You can sign up as a virtual runner: Old Glory Relay and for 35.00 you will get the event shirt.

You can donate to the Team at Team RWB Portland’s effort to fundraise: Day 3

#OldGlory Relay: A Once in A Lifetime Experience to Support @TeamRWB

I think the best way to describe this experience is once in a life time.

Yesterday I had the honor of running 2 miles with the American Flag as part of the Old Glory Relay. Team RWB explains this best in their media kit.

From inspiration, strength, or freedom, each person who touches
this year’s Old Glory has their own story of CONNECTION to the symbol
of our great nation.
Throughout the 4,216-mile journey across the United States, the participants
and supporters of “America’s Relay” will come together to honor the sacrifice
of thousands of Americans who have fought for America’s freedom, and make
a public display of support for veterans as they return to their respective
communities. This amazing experience allows Team RWB to spread our mission
of enriching veterans’ lives, recruit new members into the organization,
and generate donations for our core programs focused on leadership
development and engaging veterans and civilians within their communities.

This is the first year the flag made an appearance in Oregon. The flag actually started on Sunday, September 11 at Microsoft headquarters in Seattle before making it to Joint Base Lewis-McChord and then Woodland Washington where my local Team RWB crew took charge.

Our smaller group of three runners picked up the responsibility at Ridgefield. Our group of three runners had decided to do the 6 miles in 2 mile solo increments with me taking the last handoff.

My handoff was at the top of a hill in the middle of farm land. I was really worried because I am on the slower side of running, and I am still getting my legs back under me a bit.

I took my handoff and I think it hit me at that point that this was not any ordinary running experience. I had said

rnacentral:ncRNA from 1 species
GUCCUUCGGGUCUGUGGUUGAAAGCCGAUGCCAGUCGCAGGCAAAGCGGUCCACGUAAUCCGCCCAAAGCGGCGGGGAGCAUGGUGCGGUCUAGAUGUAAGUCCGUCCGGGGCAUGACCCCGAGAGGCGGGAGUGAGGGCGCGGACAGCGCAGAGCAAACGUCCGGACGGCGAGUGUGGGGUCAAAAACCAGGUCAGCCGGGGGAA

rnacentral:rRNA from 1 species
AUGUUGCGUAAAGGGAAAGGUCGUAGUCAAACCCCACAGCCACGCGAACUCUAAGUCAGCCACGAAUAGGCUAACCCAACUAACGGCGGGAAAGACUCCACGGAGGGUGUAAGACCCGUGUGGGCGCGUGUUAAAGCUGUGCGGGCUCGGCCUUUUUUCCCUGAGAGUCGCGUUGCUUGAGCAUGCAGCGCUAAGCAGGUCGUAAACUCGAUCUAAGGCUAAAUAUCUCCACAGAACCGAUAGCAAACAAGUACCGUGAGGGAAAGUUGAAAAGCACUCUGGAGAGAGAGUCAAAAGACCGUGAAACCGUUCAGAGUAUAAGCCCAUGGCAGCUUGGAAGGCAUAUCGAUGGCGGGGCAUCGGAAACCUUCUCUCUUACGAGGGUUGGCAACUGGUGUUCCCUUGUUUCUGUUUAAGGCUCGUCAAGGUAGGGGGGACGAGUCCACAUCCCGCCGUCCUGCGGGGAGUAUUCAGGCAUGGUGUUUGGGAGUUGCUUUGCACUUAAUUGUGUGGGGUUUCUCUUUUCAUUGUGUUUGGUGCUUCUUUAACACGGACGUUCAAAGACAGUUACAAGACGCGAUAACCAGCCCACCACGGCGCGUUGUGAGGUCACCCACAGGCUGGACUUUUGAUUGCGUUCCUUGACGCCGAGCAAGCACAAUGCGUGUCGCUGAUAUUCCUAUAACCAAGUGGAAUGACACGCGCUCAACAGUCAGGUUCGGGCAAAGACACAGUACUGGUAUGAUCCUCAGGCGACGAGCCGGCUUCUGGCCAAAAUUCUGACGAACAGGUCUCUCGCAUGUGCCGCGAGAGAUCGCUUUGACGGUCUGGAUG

Me taking the handoff, thanks to Team RWB for this amazing photo.
Me taking the handoff, thanks to Team RWB for this amazing photo.
before I was running for the people in my life who are veterans who especially in the last few years have been such a support system and helped me keep my head together when things did not seem possible. These people have done so much to support their country.

The two miles are insignificant at this point. So many cars honked, applauded, yelled their support. I was on one of the less crowded roads in terms of traffic but I think it gave me a chance to take in the entire experience more. The flag that I was holding is on a journey of 4,200 plus miles and will be in the hands of 62 teams that have come together for the same common cause.

Because I was dropping some of the social media coverage, I was able to get over to the Interstate Bridge and cover the runners crossing into their first state. Watching the flag come across the bridge up the hill on the interstate bridge was just truly an experience that I will not forget.

I have been trying to put into words what this whole thing means to me, but I don’t think words do it. I think the best way to talk about it is show the pictures. Thank you to my dad for getting some of these amazing moments.